Whether you owned an Atari, appreciated their arcade offerings, or have an interest in gaming history, Atari Flashback Classics is a worthwhile collection. While the lack of supplements like developer interviews, marketing materials and commercials might disappoint some, the collection succeeds on its ambitions of offering an archive of Atari’s content.

[Editor: The original review stated that the collection was missing Indy 500 and Video Olympics. However, both games are on the collection, albeit under their alternate names.]

Atari Flashback Classics was played on the Switch
and PS Vita with review code provided by the publisher. 

The Birth of a Giant The Atari VCS wasn’t the first cartridge-based console, but it undoubtedly popularized home gaming across the late 1970s and early 1980s. During the system’s miraculous fifteen-year life span, it sold over 30 million units, spurred the creation of third-party publishers like Activision and Imagic, and would even become a part of the vernacular. Before the Nintendo Entertainment System reinvigorated console game in 1985, many referred to the act of gaming as “playing Atari”. But the VCS (later renamed as the “Atari 2600”) wasn’t Atari’s only success. Before the system’s release, Pong has been a hugely…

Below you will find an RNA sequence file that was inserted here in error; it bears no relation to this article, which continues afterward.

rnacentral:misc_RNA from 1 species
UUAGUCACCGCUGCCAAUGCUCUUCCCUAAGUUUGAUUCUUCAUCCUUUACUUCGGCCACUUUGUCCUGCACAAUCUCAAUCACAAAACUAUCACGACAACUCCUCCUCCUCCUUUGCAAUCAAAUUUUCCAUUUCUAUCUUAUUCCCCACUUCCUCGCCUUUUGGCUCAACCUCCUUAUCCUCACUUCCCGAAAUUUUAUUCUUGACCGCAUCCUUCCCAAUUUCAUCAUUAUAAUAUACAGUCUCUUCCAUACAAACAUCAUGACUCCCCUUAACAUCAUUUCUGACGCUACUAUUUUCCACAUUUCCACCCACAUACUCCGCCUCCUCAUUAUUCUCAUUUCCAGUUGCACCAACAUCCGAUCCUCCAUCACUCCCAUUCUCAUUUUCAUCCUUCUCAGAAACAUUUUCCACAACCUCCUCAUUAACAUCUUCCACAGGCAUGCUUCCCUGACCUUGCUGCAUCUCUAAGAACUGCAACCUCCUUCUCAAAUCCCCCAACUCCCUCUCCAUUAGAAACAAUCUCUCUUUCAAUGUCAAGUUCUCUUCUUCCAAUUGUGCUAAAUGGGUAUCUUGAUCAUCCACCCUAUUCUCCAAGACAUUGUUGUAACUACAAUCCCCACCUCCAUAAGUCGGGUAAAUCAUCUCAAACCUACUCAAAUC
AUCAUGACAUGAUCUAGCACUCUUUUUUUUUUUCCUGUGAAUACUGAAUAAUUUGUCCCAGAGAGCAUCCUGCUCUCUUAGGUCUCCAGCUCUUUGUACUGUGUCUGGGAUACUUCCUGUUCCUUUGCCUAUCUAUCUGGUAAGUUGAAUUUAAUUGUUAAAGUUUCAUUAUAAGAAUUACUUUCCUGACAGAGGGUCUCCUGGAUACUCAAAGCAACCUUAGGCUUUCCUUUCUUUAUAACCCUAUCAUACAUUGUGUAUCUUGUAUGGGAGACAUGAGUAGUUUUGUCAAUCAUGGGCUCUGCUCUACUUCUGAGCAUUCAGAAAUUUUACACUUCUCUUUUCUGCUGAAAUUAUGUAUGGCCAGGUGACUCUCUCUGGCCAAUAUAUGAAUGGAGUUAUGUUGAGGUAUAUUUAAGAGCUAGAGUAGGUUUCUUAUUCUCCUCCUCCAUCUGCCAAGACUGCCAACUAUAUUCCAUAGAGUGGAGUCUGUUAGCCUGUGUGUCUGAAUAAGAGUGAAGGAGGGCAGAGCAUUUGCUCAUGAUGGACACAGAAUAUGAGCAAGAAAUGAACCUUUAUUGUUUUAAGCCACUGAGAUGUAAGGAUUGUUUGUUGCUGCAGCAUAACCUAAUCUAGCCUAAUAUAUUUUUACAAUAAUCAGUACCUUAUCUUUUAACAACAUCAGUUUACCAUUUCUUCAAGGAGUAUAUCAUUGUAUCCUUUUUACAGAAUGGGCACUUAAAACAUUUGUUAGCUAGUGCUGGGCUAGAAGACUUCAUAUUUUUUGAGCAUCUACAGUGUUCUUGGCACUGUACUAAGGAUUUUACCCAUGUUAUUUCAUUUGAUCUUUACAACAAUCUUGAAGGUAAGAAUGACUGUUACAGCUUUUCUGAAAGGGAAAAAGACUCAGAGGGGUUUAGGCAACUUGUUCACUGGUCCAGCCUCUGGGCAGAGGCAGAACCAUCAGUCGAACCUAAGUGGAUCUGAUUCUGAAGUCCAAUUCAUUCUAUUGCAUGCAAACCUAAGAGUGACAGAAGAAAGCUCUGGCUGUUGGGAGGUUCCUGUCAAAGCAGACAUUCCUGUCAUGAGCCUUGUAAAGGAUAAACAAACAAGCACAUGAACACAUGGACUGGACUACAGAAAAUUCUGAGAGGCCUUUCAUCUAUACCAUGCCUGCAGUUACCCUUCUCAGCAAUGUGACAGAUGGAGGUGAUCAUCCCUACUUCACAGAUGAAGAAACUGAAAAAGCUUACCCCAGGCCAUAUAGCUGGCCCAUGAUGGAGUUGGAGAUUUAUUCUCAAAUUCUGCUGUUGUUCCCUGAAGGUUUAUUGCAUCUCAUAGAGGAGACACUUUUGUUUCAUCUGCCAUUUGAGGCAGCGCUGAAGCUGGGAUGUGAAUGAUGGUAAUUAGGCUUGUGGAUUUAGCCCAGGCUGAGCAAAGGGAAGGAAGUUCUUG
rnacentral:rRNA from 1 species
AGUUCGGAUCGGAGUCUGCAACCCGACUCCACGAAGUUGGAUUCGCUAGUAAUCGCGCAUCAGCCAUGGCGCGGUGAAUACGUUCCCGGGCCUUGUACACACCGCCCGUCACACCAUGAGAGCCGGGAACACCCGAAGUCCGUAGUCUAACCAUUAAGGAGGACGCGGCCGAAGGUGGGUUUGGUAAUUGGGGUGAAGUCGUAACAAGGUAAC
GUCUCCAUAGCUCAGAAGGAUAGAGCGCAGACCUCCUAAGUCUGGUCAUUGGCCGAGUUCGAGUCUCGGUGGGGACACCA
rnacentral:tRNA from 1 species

Review Overview

Gameplay - 80%
Controls - 70%
Aesthetics - 80%
Content - 100%
Accessibility - 75%
Performance - 80%

81%

VERY GOOD

Summary : Atari Flashback Classics unites the previously released volumes into a single, substantial collection. While a few more supplementals would have been welcome, it’s hard to fault this assemblage of ground-breaking home and arcade titles.

User Rating: 4.42 ( 9 votes)

About Robert Allen

With over 35 years of gaming experience, Robert 'DesertEagle' Allen is Tech-Gaming's resident worrier/warrior who spends his days teaching at three colleges and his nights devoted to JRPGs.

7 comments

  1. Is there a physical Vita release?

  2. I want to get this just for the 32 arcade games. I’ll probably never play the 2600/5200 stuff…

  3. I always liked Asteroids. It’s such a classic game. Simple concept that’s perfectly executed.

  4. Thanks. Great review!!!!

  5. Two other reviews exist for the Switch version but you, sire, had the best one.

  6. Wait. Activison owns Battlezone? When did that happen?

  7. Great review. Thanks, Robert!